No relief available
A form of loss relief (‘deficiency relief’) is potentially available to higher rate taxpayers when the investment eventually ends and the policies are fully surrendered. The relief (if applicable) is calculated broadly as the total amounts received under the policy less the premium paid for it and less any amounts that had previously been treated as ‘gains’ (ITTOIA 2005, ss 539-541).
For deficiency relief purposes, Mr Lobler had a deficiency of around $1,230,000, which was available to set against other taxable income for that year.
However, deficiency relief only relieves tax at the higher rate. If the resulting loss is much higher than the taxpayer’s income for the relevant tax year, no relief may be available. This was the unfortunate outcome in Mr Lobler’s case. He could not carry the deficiency forwards or back, and his income was nowhere near the above figure, such that deficiency relief was of no use.
In his tax returns for 2007 and 2008, Mr Lobler did not refer to the partial surrenders. He assumed that they were withdrawals of capital, on which no gain arose. However, following enquiries HM Revenue and Customs (HMRC) amended both tax returns to reflect the tax liability incurred by making the two withdrawals.
Mr Lobler appealed to the First-tier Tribunal on the basis that he had made a mistake (i.e. in the way he had withdrawn funds from the policies), although he could not really dispute the calculation of his tax liability. The tribunal ( UKFTT 141 (TC)) had a great deal of sympathy for Mr Lobler, commenting that a combination of the legislation and the taxpayer’s actions gave rise to a “remarkably unfair result”. However, the tribunal decided (with “heavy hearts”) that it was unable to interfere with HMRC’s amendment to the tax returns. Mr Lobler appealed to the Upper Tribunal.
Rectification of the mistake
Various grounds of appeal were put forward to the Upper Tribunal on Mr Lobler’s behalf (i.e. private law, human rights and public law). The tribunal considered (among other things) the remedy of ‘rectification for mistake’, and referred to case law, including Pitt v Holt  UKSC 26. It was noted from that case that a mistake as to the tax consequences of a transaction may, in an appropriate case, be sufficiently serious to warrant rectification.
There was no doubt that Mr Lobler would not have made partial surrenders had he known about the devastating tax consequences of his choice of withdrawal method. The mistake was sufficiently serious in nature (i.e. it would have resulted in potential bankruptcy). The withdrawals were so affected by the tax consequences that the effects were entirely different from that which Mr Lobler believed them to be.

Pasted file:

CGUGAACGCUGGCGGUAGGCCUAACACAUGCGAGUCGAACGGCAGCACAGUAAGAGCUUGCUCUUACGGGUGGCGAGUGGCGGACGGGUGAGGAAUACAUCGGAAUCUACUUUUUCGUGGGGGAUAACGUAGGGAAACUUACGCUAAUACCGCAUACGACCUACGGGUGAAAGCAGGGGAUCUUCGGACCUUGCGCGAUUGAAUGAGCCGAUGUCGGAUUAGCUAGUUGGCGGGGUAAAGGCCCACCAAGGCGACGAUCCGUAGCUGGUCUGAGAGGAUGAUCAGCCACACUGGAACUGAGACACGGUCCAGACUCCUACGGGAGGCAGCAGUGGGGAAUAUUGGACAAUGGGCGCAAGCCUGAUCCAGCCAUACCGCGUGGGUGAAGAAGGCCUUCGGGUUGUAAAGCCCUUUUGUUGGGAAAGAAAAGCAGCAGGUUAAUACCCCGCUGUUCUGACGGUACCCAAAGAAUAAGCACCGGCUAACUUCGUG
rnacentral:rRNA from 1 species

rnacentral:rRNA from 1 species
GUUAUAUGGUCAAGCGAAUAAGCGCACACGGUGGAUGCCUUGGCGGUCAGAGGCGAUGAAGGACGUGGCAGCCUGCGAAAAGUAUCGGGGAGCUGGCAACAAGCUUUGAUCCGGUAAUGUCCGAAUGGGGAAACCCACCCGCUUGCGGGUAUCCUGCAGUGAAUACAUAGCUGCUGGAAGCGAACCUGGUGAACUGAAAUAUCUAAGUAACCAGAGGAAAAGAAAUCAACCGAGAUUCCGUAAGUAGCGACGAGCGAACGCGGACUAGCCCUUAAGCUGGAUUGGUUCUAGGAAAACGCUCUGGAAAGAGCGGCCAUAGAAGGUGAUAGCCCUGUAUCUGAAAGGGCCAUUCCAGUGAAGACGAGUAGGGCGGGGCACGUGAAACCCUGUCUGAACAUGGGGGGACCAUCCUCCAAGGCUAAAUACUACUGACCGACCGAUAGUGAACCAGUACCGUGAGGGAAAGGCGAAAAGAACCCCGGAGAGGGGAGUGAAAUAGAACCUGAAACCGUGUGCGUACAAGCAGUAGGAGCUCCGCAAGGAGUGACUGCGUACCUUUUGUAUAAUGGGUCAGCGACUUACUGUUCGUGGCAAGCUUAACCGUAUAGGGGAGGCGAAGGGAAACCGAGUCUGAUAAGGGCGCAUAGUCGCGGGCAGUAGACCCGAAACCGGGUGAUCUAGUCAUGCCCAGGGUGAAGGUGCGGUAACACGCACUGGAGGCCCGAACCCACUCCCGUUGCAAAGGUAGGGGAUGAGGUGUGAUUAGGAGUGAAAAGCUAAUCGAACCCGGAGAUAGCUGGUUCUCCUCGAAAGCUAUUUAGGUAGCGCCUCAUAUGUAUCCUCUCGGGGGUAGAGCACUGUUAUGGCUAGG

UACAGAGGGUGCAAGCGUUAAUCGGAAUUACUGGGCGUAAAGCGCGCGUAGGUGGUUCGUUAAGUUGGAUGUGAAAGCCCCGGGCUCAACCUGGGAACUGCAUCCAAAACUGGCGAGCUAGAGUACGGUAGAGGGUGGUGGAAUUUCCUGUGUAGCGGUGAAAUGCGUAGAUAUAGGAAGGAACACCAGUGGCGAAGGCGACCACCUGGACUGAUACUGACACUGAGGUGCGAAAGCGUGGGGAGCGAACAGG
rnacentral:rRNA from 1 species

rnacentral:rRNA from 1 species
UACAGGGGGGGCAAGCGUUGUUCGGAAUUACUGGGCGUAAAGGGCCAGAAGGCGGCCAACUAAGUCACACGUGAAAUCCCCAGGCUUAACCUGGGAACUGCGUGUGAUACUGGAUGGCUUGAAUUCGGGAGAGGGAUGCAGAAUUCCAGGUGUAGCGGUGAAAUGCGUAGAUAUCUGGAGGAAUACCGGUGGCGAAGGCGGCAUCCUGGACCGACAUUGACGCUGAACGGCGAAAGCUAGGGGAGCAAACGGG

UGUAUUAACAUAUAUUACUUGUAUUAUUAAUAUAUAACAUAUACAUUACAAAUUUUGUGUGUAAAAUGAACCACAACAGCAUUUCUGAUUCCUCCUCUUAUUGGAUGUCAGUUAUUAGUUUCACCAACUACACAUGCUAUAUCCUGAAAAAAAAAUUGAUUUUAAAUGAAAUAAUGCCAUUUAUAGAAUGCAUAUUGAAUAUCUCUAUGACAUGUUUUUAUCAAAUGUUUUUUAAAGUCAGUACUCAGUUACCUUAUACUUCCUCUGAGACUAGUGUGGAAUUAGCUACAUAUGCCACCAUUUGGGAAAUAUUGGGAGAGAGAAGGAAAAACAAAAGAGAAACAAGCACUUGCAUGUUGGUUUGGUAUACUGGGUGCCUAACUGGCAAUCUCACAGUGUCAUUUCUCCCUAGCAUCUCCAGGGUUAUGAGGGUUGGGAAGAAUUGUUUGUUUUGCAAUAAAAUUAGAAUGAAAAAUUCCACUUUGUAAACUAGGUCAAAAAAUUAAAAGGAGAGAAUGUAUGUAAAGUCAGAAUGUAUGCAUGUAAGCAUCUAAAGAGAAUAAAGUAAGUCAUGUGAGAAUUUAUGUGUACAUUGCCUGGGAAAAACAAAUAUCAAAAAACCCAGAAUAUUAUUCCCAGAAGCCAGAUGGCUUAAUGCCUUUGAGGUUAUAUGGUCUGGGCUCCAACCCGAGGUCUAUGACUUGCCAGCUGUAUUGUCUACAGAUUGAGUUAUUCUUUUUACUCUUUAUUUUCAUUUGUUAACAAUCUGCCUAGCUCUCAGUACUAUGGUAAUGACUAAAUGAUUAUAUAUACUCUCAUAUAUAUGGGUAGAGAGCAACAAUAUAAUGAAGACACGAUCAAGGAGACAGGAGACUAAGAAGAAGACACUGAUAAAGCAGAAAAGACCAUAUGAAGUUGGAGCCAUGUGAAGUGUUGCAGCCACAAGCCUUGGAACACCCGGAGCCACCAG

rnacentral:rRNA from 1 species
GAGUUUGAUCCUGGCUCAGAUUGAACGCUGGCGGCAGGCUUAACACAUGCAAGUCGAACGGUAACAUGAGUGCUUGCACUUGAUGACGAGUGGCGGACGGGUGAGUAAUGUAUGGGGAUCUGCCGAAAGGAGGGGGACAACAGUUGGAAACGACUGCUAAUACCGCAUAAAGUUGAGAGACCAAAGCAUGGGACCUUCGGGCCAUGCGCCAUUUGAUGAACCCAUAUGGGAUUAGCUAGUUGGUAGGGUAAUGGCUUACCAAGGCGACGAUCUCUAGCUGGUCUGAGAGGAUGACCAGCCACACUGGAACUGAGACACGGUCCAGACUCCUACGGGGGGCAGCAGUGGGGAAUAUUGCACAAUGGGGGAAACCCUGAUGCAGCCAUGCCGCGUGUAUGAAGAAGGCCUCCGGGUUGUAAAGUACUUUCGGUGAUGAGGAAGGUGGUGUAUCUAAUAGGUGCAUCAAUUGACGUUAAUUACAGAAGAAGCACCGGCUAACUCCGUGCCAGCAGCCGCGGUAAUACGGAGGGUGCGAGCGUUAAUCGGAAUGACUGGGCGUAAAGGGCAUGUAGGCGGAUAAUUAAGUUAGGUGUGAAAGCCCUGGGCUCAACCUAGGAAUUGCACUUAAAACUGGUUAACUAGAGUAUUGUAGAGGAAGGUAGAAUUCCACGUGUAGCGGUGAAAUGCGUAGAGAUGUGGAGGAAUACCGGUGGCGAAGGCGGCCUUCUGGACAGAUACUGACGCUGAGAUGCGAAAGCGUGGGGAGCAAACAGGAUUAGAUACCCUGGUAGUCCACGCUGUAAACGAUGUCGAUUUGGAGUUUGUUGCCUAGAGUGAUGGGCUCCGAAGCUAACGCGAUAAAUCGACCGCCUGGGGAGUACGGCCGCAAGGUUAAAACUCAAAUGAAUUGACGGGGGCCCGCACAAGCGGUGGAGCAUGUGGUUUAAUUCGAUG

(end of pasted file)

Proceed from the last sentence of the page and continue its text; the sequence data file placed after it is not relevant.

In making the partial surrenders, the appellant filled out Zurich forms, which provided the four options listed above. The Upper Tribunal thought that if the appellant had not made a mistake, he would have chosen option D, i.e. to make full surrenders of individual policies. The tribunal therefore found that the appellant would be entitled to rectification, and that his tax position should be determined as if that remedy had been granted.
HMRC had thought that Mr Lobler should have sought advice as to the best means of making withdrawals from the policies. However, the tribunal disagreed, commenting: “One does not seek advice on everything, the legislation is not at all intuitive and no reasonable man would have expected the outcome.” As mentioned, Mr Lobler’s representative argued on other grounds, but the Upper Tribunal allowed the appeal on the ground of rectification alone.
The fact that selecting the wrong option on a form nearly resulted in an effective tax rate for Mr Lobler of 779 per cent on the actual income generated by the policy suggests that the tax legislation dealing with gains from contracts for life insurance etc is in urgent need of reform. Fortunately, the tribunal was able to find a suitable remedy in Mr Lobler’s circumstances.
The decision will no doubt be welcomed by others in a similar position to Mr Lobler. However, taxpayers should not seek to rely on rectification for mistake. Apart from anything else, it is not known whether HMRC will appeal Mr Lobler’s case (although in the interests of fairness, it is to be hoped not).
Be very careful when making withdrawals from investments containing life insurance policies. Seek suitable financial advice before making investment decisions, and professional advice on the tax implications before completing any forms to complete the withdrawals.